TOPEKA, Kan. (KSNT) – When customers walk through the doors of Bedsprings and Burlap in Topeka, they are greeted with an array of furniture, paint, signs and custom pieces.
Jill Beam continued her passion of crafting and teaching in this seven-year-old business, after retiring as a teacher.
“I love getting to know people that I would never have gotten to know if I wasn’t doing this, and usually it’s people who love to create,” Beam said.
The shop’s most popular attraction are the art classes they offer.
“It helps inspire you to, like, ‘oh, I could do that,’ and then you take a class,” said customer Meredith McKee.
However, when the pandemic struck, Beam was forced to halt all of her classes.
Weeks later, she is back to holding classes, but can only accept a small portion of students for social distancing purposes.
“When you have a person-to-person business, that hurts you,” Beam said.
The store loses about 25% of their monthly revenue due to the smaller classes, according to Beam.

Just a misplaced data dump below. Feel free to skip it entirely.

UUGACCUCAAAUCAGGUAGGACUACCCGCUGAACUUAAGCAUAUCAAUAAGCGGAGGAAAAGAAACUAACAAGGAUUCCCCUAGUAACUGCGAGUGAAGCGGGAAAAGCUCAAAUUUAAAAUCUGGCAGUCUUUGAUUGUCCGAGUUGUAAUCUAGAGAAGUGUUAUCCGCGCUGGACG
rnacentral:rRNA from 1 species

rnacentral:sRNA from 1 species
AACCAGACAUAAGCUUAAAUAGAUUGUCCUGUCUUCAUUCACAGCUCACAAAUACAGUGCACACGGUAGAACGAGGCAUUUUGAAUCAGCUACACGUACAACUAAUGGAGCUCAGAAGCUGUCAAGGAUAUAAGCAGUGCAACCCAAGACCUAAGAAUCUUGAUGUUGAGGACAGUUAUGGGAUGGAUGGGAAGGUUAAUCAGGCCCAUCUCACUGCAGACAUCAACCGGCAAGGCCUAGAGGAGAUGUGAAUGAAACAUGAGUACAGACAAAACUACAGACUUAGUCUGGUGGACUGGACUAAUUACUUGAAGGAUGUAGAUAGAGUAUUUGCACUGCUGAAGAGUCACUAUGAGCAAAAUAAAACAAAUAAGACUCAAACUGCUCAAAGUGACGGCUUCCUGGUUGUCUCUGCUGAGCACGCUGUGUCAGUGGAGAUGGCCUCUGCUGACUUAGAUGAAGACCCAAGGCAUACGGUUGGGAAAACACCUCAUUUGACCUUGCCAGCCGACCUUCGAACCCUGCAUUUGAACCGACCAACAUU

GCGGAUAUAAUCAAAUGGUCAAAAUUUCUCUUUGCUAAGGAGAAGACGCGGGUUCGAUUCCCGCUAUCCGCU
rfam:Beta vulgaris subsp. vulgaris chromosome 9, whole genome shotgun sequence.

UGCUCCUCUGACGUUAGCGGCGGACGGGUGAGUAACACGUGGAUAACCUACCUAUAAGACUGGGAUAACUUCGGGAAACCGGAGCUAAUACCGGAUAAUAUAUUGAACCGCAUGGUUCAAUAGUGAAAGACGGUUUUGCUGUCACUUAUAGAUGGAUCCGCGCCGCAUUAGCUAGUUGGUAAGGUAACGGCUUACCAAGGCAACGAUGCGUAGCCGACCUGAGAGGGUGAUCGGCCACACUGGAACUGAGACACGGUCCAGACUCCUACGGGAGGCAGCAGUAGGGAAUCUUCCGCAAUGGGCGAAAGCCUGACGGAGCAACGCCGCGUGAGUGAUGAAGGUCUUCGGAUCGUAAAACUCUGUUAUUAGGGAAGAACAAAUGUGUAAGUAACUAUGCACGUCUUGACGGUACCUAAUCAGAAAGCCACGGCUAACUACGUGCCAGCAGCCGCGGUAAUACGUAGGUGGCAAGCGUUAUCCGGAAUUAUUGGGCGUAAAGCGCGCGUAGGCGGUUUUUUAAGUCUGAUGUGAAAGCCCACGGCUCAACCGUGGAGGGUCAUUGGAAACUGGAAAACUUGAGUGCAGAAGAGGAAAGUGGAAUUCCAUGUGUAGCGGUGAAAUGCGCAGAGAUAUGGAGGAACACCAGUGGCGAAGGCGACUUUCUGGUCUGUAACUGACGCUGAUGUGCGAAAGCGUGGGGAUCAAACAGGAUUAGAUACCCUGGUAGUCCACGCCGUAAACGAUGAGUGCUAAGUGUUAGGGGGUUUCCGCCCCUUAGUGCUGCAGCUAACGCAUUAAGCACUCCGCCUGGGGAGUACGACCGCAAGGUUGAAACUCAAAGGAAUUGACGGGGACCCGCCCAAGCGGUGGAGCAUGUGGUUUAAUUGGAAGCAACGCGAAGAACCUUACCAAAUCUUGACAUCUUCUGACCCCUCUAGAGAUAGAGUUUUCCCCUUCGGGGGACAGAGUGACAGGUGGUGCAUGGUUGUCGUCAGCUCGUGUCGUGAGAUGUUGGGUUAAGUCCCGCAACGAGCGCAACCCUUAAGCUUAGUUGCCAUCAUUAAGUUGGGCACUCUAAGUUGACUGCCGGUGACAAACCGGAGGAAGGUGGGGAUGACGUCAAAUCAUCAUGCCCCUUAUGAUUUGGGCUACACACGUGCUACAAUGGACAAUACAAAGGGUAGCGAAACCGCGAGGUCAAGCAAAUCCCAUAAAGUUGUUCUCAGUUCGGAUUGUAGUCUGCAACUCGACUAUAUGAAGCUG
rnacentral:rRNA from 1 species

After being denied a federal Paycheck Protection Program (PPP) loan during the first round in April, she is hopeful she will have a greater chance now.
President Donald Trump extended the deadline for small businesses to apply for the PPP in July, allowing them to apply until Saturday, according to the U.S. Small Business Association.
“[If] I knew that I had some help with funding to keep this space, that would be a big, a great thing that could happen,” Beam said.
As Beam awaits the results of her application, she said she was grateful to everyone who shops local.
“I think a lot of Topekans are wanting to support local, and so they’ll go into small shops and spend money just to help them,” Beam said. “It’s so appreciated. So just keep doing that and it will help some people get through this hard time.”
Beam’s customers reciprocate that same appreciation towards her and her business.
“It’s really unique and I’m glad that Topeka has a place like this to shop and hang out and take classes,” McKee said.
In the first round of PPP loans, almost 6,000 small businesses in Kansas received funding, according to the U.S. Small Business Administration.
This totaled to $4.3 billion, U.S. Senator Jerry Moran (R, Kan.) told KSNT News.